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I want to explain this but I can't; baby's appearance permanently changed

(64 Posts)
HypnoticButton Sun 28-Feb-16 11:36:50

I apologise if this is not the correct place to post.

I know how I should be feeling and the things I should be saying but it's hard.

I posted a while back about an accident my baby had that was going to potentially permanently change her. At the time it was all a bit of a blur, hospital appointment and surgery. Plenty to focus on and occupy my mind and I didn't allow myself to get too sad.

Now this has all settled down and reality is setting in.

I want to make it clear I do not love my baby less, if anything I love her more. But.. She has gone from complete and utter perfection to slightly less so. I know that sounds awful.

I worry that I caused this by being so proud of her. Honestly it's hard to explain. DC1 was perfect to us but was definitely not a pretty baby, very [Word removed by MNHQ as it's disablist. OP has also requested removal] like!! He has grown into a gorgeous child though, so it's not like I'm blinded by my own children.

DC2 was born a complete beauty and has remained that way. Every aspect of her appearance, temperament was perfect. Ate well, slept well, so pleasant and easy going. Couldn't have been more different to dc1.

I'm rambling here..

The accident has resulted in my baby losing part of her finger. All bandages are off now and I have to face reality. It's really noticeable looking. I've newborn pictures of '10 perfect fingers, 10'perfect toes' but that's not how it is anymore.

I worry that people will look at my baby and feel sorry for her.

I worry that she will be teased at school.

I worry that she will struggle with confidence.

I'm determined to instil inner confidence in her and not allow her to be held back by this injury but at the back of my mind I worry.

This post makes no sense. The accident was caused by a door closing on her hand. It was so traumatic at the time; I've no right to feel traumatised as it wasn't me who was hurt sad

It's all very recent and early days, maybe I'll feel better in time?

I want someone to look at her finger and tell me honestly how they feel about it and how awful it looks? I don't think people will be honest with me in RL.

On the plus side, it doesn't seem to bother my dd at all. She continuing on as normal, I don't really think she notices.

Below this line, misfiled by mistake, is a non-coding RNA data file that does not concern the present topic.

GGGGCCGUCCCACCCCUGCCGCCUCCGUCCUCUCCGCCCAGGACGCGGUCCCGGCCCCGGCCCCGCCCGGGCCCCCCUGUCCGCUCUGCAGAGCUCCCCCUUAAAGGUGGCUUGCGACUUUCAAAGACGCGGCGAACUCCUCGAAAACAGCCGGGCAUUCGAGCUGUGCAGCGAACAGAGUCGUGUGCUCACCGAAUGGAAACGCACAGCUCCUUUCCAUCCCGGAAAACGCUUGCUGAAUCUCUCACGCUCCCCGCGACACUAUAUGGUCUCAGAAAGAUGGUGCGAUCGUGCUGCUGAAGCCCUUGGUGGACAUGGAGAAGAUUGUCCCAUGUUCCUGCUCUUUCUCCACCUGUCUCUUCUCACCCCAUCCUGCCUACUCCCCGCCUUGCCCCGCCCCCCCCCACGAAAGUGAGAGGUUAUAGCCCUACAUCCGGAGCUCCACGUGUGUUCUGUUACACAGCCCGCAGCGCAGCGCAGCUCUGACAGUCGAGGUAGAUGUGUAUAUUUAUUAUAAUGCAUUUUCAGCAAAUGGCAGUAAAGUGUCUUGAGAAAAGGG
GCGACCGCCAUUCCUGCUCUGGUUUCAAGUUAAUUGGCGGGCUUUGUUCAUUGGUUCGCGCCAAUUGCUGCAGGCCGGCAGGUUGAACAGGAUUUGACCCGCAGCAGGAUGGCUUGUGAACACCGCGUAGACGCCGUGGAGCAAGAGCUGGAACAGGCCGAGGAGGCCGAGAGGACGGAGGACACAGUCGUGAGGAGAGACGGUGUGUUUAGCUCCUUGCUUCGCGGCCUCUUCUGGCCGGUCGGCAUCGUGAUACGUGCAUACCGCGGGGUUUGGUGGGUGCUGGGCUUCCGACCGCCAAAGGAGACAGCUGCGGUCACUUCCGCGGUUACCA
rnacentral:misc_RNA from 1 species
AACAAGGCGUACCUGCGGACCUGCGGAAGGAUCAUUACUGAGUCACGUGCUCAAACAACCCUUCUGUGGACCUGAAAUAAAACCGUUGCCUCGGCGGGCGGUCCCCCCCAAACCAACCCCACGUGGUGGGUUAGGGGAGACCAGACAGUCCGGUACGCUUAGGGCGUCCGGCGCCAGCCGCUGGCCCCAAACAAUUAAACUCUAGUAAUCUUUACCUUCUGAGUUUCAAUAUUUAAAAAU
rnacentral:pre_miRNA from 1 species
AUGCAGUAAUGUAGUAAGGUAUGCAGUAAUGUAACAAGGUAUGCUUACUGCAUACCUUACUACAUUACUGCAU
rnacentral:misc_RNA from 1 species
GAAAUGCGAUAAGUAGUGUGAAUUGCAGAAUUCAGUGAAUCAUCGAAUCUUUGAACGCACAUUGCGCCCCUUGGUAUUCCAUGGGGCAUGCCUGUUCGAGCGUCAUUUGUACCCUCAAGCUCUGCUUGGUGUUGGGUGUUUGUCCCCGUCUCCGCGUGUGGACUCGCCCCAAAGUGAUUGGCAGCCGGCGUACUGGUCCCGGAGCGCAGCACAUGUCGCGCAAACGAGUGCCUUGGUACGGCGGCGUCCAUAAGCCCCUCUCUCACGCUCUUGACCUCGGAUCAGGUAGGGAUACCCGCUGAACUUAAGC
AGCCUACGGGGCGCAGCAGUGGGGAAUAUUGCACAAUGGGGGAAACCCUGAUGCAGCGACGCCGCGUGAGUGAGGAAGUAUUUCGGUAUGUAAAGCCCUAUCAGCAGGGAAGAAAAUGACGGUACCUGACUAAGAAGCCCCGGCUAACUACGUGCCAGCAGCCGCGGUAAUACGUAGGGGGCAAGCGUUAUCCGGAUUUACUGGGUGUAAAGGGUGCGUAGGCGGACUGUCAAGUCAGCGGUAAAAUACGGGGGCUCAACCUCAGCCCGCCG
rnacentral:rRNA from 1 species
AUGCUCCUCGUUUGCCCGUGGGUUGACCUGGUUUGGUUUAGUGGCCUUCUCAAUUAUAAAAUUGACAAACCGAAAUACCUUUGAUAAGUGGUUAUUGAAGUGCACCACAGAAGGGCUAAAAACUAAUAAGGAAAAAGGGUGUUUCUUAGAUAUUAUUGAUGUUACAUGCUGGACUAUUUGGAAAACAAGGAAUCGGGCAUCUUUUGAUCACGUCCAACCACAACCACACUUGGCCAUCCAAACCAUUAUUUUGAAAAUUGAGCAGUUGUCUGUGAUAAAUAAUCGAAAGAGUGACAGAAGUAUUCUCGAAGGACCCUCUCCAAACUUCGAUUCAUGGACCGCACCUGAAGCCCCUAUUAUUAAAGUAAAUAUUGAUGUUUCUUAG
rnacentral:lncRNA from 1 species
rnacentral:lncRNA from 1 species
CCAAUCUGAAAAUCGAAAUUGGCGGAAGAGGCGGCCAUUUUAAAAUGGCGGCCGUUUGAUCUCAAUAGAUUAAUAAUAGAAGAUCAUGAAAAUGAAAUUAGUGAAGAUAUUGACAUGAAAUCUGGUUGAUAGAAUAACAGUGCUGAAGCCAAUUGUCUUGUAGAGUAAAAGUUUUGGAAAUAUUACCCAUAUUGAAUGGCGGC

BiscuitMillionaire Sun 28-Feb-16 11:44:15

You need to go to counselling to deal with this. flowers

Not to minimise your feelings, but this is a very slight disability compared with many people who go on to have perfectly 'normal' lives.

I think the trauma of the experience has hit you and you need real life help from a therapist/counsellor.

SugarDiabetes Sun 28-Feb-16 11:45:59

All of our babies are perfectly imperfect.
My DS has a proper good set of ears on him. DD has a huge chin.

My DF has a missing finger following an accident.

I have had a breast removed.

We are all (including your DD) no less, and no more, than we were.

Congratulations on having two healthy and happy DCs. smilestar

Noeuf Sun 28-Feb-16 11:47:54

Well not only is it a slight disfigurement but a permanent reminder of the accident? Maybe you feel guilty and need to work through this?
As she gets older I would think it will be one of those things people notice but don't really comment or pick up on. My ds has a scar from a fall on his face and I was really upset about it - now it's a childhood battle wound!

DaphneWhitethigh Sun 28-Feb-16 11:48:39

I agree, you need some kind of counselling to deal with these feelings because your reaction to such a minor imperfection is utterly disproportionate. I'm guessing that it may be a reaction to the trauma and guilt of seeing your baby in pain.

spanky2 Sun 28-Feb-16 11:51:03

You might have post traumatic stress disorder. I felt like an awful mother because ds1 has chicken pox scars on his cheek. His perfect skin was blemished forever. I didn't know at the time that I felt like this as I needed help to cope with my abusive childhood. I feel that your reaction to your dds looks is to do with you rather than her. It was an accident.

TeaOnEverest Sun 28-Feb-16 11:51:16

Wow, I really think Biscuit is right. I thought it was going to be a severe facial injury, but a bit of her finger? It's not a nice thing to happen, but it's not going to affect her life in any way.

It sounds like it's the incident itself you are having trouble coming to terms with. Is it perhaps guilt because you weren't there?

Honestly, my daughter has a physical difference that could potentially lead to serious health issues if not monitored, plus low self esteem, as it is noticeable and may affect the clothes etc she feels able to wear in the future. Though if I'm honest, she's as healthy as a horse, and we all forget about it most of the time. I certainly have never thought of her as less than perfect as a result

ILostItInTheEarlyNineties Sun 28-Feb-16 11:51:39

I think when you see her damaged finger all your feelings of horror and trauma come to the surface. It reminds you of a horrible accident. I'm sure those feelings will fade quite quickly and it will just be part of her.
Be kind to yourself.

TwoMag314s Sun 28-Feb-16 11:52:43

That's so sad. I know somebody who lost half a finger and I don't think it has effected her confidence in the slightest. She is exactly herself. I can't imagine she'd be any different with an extra piece of finger!

HypnoticButton Sun 28-Feb-16 11:54:10

Yes I do feel guilty and that I shouldn't have these feelings because it isn't a significant enough injury.

phequer Sun 28-Feb-16 11:54:11

Message withdrawn at poster's request.

BadDoGooder Sun 28-Feb-16 11:58:34

My brother shut his finger in the patio door when he was 3 or so.
He lost the top joint from his middle finger.
Hardly anyone ever noticed, and the kids who did certainly didn't take the piss, in fact all DBs friends thought it was great, in that way that kids are fascinated by that stuff.
He is now a fantastic guitar and piano player, so it clearly didn't affect him physically!

I think you need to speak to someone about your feelings, as this is a really minor thing. I once caught DS in the face with a piece of jewellery, it left a tiny scar that he will have all his life, but it's fine, no one is perfect and everyone has accidents.
I think you need to explore your feelings around the accident, and why you feel so guilty. flowers

CiderwithBuda Sun 28-Feb-16 11:58:45